Wine Enthusiast Magazine - Nov. 2021 Spanish Springs



For an industry awash in competing theories and ever-evolving techniques, one maxim holds true for almost every winemaker: Great wine can only come from great vineyards.

There’s no shortage of such properties on California’s Central Coast. From Santa Cruz to Santa Barbara, towering mountains drop directly into the frigid ocean. The topography opens valleys to steady sea breezes that moderate long growing seasons and unleash unique soil combinations, from sandy to chalky to volcanic, each creating distinctive flavors and textures in finished wines.

While some of these are monopole estates used by just one winery, most of the region’s vineyards grow grapes for multiple brands, opening windows into the defining characteristics of each property.

To celebrate this shared experience, we’re showcasing four of the most important Central Coast vineyards, from Monterey County’s Santa Lucia Highlands down to the Sta. Rita Hills of Santa Barbara County. Together, they exemplify the wide range of wine styles that can be made along this increasingly important stretch of coastline.

Capturing Coastal Crispness

Spanish Springs Vineyard

Just two miles from the clam chowder shacks and surf shops of Pismo Beach in San Luis Obispo County, Spanish Springs Vineyard occupies the east-facing flanks of Price Canyon atop sandy, acid-retaining soils, with occasional piles of fractured shale visible beneath the vines.

Planted in 2007, the 92-acre vineyard, which is owned by developer Henry Warshaw and farmed by Pacific Coast Farming, now sells to three dozen wineries, making it one of the most popular vineyards anywhere.

“You’re far enough away from the ocean where you’re not sitting in the fog, but you’re close enough to the ocean that it’s emanating those cool-climate aspects,” says Coby Parker-Garcia, who’s been making wines in the nearby Edna Valley since 2002 and started his own brand called El Lugar Wines in 2013. “I think of the Edna Valley and Arroyo Grande Valley as very coastal AVAs. Spanish Springs trumps that. It’s twice as close to the ocean, if not closer.”

You’re far enough away from the ocean where you’re not sitting in the fog, but you’re close enough [to the] ocean that it’s emanating those cool-climate aspects.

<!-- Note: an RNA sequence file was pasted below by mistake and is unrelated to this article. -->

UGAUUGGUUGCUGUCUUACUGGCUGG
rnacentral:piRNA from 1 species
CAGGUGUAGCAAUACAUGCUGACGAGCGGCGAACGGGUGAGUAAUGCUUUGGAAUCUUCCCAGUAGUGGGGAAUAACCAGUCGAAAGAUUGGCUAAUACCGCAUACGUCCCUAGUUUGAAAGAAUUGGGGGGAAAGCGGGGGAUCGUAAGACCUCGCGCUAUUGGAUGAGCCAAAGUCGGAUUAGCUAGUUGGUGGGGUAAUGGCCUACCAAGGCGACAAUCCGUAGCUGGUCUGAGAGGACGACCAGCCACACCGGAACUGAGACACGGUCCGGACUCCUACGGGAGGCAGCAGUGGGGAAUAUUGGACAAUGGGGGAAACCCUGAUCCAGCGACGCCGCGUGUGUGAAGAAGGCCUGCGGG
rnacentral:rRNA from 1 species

—Coby Parker-Garcia, El Lugar Wines

Though most of the property is Chardonnay and Pinot Noir, there’s also Syrah, Grenache, Albariño, Pinot Gris, Viognier and Barbera. Steve Dooley of Stephen Ross Cellars, which makes a flinty Albariño from the property, believes that the long hang times make for pronounced varietal fruit expressions.

“The Albariño has great acidity and displays a coastal energy, which is consistent across all the varieties grown there,” says Dooley.

Pinot Noir and Chardonnay remain the workhorse varieties and are the sole bottlings for Oceano Wines. Co-owner Rachel Martin, who also makes wine in Virginia, was so smitten upon first visiting in 2016 that she signed up for six tons of Chardonnay on the spot. Oceano Winemaker Marbue Marke believes, alongside the property’s clonal diversity, “multiple exposures and hillside slopes” create microclimates that enhance complexity.

“Probably most significantly,” he says, “it brings brightness and balance with its low pH at maximum ripeness, thanks to the soil and cooling ocean breeze.”

For Parker-Garcia of El Lugar, Spanish Springs “just makes wines that truly show a sense of place.” While his Pinot Noir is savory, his Syrah is especially characteristic, offering plenty of iodine and kelp notes.

“You do get that salinity, that nori character in the wines,” he says.